Landmark case backed by more than two million citizens saw NGOs accuse state of failure to take sufficient measures to halt climate change.
A French court on Wednesday held the state responsible for its failure to take sufficient measures to halt climate change, handing a victory to NGOs in a landmark case backed by more than two million citizens.
The administrative court in Paris ruled that the government’s failure to convert its commitments on reducing greenhouse gas emissions into policy made it “responsible … for some of the ecological damage seen”.
It ordered the payment of a symbolic one euro in damages to the four NGOs behind the complaint.
The judges said however they would wait two months before deciding whether it was necessary to force President Emmanuel Macron’s government to take steps on greening the economy.
Oxfam France in a tweet hailed the ruling as an “historic victory for the climate”.
“The state’s climate action has been recognised as ILLEGAL,” it added.
Environment Minister Barbara Pompili did not immediately react to the ruling.
Oxfam France, Greenpeace France and two other groups accused the government of failing to keep Macron’s stated 2017 promise to “make our planet great again”.
A petition they launched garnered over 2.3 million signatures.
Their case, which they called “the affair of the century”, is part of a mounting push by climate campaigners across the world to use courts to pressure governments into action.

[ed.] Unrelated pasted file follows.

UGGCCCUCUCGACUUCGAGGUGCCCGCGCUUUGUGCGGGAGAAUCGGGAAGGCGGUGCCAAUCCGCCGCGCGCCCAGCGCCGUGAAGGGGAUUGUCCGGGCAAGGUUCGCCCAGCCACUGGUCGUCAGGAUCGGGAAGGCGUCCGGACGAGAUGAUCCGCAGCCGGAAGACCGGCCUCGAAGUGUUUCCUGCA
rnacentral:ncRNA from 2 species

In 2019, the Dutch Supreme Court ordered the Netherlands to slash greenhouse gas emissions by at least 25 percent from 1990 levels by the end of 2020 after a case brought by an NGO.
A host of celebrities became involved in the French campaign, including actors Juliette Binoche and Marion Cotillard, who welcomed the court ruling in a video Wednesday, shouting “We won!”
An international accord signed in Paris five years ago aims to limit global warming to less than two degrees Celsius (3.6 Fahrenheit) over pre-industrial levels, and preferably to 1.5 degrees.
But experts say governments are far from meeting their commitments and anger is growing among younger generations over inaction, symbolised by the campaigns of Swedish teenager Greta Thunberg.
France has committed to reducing emissions by 40 percent by 2030 compared with 1990.
But in a report last year, the High Council on Climate, which advises the government, said it was far off target.
In court the government defended its record, saying that an energy bill adopted in 2019 would speed progress on reducing emissions.
In a separate but similar case in November, France’s top administrative court gave the government a three-month deadline to show it was taking action on global warming.
That case was brought by Grande-Synthe, a low-lying northern coastal town that is particularly exposed to the effects of climate change.